Why Being a Scientist-Practitioner Matters

Posted by Matt Grawitch

I recently put together a proposal for a panel session that would bring a group of scholars and practitioners together to discuss issues related to the work-life interface. One of the experts on my proposed panel serves as an external consultant to organizations, and she mentioned that many people who work internally in organizations tend to have a very negative opinion of academics who conduct research in the area of the work-life interface. The argument is that many academics spend their time studying issues that have little to no practical value to organizations.

Of course, I would never put myself, or many other academics I work with, into that particular box. However, I know that there are an awful lot of academics who do fall into that stereotype of the “ivory tower” academic.

That got me thinking about my own philosophy and what I try to do as a professional. I was trained under the scientist-practitioner philosophy, which means that my work, whether it is consulting organizations or teaching students, is based in research, and, conversely, my research paradigm emphasizes the practical realities of organizational life.

None of this is to say that I lack an interest in understanding the inner workings of people – after all, I am a psychologist. I believe that basic research has led to many advances that have practical implications, but I also recognize that a lot of “applied” research has become so narrowly focused, and sometimes needlessly sophisticated, that it has the potential to render itself irrelevant to practitioners.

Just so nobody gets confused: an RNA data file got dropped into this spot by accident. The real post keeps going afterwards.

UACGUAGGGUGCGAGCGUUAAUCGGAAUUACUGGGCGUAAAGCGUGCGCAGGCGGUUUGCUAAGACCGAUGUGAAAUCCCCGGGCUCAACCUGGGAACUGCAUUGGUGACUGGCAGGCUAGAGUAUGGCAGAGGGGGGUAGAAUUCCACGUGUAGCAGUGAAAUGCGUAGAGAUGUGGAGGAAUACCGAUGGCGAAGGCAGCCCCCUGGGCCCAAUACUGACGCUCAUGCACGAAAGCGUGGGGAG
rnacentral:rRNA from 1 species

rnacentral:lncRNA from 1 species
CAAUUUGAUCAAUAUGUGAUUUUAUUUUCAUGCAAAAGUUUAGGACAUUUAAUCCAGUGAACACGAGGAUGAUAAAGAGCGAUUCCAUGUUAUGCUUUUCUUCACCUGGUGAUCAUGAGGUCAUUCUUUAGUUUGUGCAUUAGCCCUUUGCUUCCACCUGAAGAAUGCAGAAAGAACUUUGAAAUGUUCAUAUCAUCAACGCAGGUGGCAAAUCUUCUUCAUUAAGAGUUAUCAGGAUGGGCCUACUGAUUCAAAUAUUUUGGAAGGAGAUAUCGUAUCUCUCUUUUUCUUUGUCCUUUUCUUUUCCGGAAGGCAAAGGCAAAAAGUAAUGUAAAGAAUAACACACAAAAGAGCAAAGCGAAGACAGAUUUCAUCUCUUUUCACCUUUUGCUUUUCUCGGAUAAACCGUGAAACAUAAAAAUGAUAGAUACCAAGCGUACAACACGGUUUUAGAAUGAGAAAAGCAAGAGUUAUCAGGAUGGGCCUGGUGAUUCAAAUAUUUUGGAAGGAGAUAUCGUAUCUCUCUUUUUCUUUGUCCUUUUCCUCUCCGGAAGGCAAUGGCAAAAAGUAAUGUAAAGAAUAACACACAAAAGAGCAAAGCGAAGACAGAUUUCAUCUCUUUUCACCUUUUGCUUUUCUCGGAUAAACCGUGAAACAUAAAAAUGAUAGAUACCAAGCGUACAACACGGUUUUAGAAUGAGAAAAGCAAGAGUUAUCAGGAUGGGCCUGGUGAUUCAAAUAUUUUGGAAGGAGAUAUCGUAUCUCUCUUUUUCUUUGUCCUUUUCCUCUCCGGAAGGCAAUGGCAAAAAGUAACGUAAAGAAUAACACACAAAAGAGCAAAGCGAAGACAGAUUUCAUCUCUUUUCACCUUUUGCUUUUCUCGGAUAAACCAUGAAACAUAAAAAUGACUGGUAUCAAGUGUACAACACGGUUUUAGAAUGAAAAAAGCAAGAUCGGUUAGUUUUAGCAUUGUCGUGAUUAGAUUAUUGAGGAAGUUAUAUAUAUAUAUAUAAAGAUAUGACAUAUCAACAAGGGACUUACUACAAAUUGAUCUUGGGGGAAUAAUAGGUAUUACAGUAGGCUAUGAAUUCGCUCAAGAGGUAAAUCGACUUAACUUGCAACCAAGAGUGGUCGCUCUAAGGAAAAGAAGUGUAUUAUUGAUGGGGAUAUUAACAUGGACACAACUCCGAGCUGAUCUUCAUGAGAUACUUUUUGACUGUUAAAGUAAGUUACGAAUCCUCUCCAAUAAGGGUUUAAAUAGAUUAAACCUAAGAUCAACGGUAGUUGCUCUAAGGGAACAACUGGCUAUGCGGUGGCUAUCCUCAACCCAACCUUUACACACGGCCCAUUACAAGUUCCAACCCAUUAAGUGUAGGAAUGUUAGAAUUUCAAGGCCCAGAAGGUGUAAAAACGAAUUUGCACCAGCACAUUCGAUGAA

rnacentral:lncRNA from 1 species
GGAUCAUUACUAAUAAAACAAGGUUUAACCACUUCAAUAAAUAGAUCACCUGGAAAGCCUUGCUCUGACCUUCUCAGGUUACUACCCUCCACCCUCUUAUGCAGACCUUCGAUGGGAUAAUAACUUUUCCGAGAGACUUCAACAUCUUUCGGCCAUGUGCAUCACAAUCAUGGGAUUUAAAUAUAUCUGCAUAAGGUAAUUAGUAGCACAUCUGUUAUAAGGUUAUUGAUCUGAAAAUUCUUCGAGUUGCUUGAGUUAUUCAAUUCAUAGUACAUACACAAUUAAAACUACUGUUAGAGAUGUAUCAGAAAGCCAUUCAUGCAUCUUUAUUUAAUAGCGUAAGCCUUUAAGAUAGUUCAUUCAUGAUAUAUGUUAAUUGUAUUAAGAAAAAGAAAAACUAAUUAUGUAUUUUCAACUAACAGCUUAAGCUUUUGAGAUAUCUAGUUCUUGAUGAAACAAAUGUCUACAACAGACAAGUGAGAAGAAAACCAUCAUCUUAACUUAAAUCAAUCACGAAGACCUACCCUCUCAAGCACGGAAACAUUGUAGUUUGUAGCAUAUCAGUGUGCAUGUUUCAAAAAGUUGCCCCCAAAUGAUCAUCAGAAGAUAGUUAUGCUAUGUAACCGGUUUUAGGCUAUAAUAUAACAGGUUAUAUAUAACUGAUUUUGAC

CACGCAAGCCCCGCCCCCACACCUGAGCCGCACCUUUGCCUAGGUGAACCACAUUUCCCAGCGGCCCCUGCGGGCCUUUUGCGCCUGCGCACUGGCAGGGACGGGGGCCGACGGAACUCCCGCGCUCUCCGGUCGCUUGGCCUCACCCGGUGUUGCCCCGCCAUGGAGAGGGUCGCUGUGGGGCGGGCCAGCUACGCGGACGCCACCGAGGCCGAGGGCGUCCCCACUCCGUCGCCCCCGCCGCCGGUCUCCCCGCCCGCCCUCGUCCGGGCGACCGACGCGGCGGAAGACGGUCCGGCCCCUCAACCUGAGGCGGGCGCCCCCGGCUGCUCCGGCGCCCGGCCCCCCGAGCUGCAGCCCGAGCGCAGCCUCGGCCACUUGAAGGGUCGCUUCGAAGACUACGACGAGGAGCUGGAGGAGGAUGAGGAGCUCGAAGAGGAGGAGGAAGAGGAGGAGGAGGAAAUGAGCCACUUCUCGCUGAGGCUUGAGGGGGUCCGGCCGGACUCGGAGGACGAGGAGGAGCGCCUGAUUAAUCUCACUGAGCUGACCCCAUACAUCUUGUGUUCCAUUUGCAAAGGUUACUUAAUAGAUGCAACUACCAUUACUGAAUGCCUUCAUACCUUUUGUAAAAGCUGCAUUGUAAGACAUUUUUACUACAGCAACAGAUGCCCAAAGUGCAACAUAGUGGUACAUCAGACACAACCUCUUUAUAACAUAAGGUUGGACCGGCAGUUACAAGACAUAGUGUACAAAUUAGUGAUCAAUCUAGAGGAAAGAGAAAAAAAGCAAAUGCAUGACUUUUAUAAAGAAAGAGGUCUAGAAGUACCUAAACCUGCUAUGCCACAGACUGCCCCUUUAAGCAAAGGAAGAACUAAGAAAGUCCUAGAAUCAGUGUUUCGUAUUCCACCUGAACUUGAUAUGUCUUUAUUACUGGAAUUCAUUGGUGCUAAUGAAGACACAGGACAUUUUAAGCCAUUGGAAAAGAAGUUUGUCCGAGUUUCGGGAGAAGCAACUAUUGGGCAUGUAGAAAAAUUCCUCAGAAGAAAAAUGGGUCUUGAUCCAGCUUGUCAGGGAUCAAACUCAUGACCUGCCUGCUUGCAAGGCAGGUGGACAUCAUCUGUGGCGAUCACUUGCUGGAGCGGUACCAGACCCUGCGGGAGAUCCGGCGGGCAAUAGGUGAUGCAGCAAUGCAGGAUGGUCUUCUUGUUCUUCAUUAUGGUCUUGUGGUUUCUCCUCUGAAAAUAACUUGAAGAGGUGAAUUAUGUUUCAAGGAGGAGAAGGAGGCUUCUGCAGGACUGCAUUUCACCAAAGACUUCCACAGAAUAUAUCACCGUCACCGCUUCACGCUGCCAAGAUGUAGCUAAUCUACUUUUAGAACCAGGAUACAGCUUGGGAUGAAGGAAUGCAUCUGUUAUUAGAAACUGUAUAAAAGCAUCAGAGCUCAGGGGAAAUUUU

I know I’m not the only scientist-practitioner out there. I was trained to be a scientist-practitioner, so my teachers and mentors were scientist-practitioners themselves. I even work with several individuals that fit into that category, and I have a host of contacts whom I would identify as true scientist-practitioners as well. We do exist!

However, if applied psychology refuses to constantly pay attention to the “gap” between science and practice, then it runs the risk of rendering itself irrelevant to many people who deal with the day-to-day realities in organizations. And, if practitioners who deal with those day-to-day realities refuse to pay attention to solid research, then they run the risk of creating substantially less effective programs that are guided more by heuristics than sound science.

So, we have today the same struggle that has confronted applied psychology since its inception. We must constantly scrutinize the divide between scientific research and practical realities. Practitioners need to learn from researchers and utilize sound scientific processes when designing new initiatives and programs. Researchers, for their part, need to devote more resources toward the study of issues that concern practitioners and do a better job of communicating results in a way that is meaningful to people working in organizations. It sounds like a tall order, but if scientist-practitioners become more common in academia and in organizations, they can begin to diminish the gap and strengthen the relationship between science and practice.

Photo Credit: http://www.flickr.com/photos/umairmohsin/2067636565/

Comments are closed.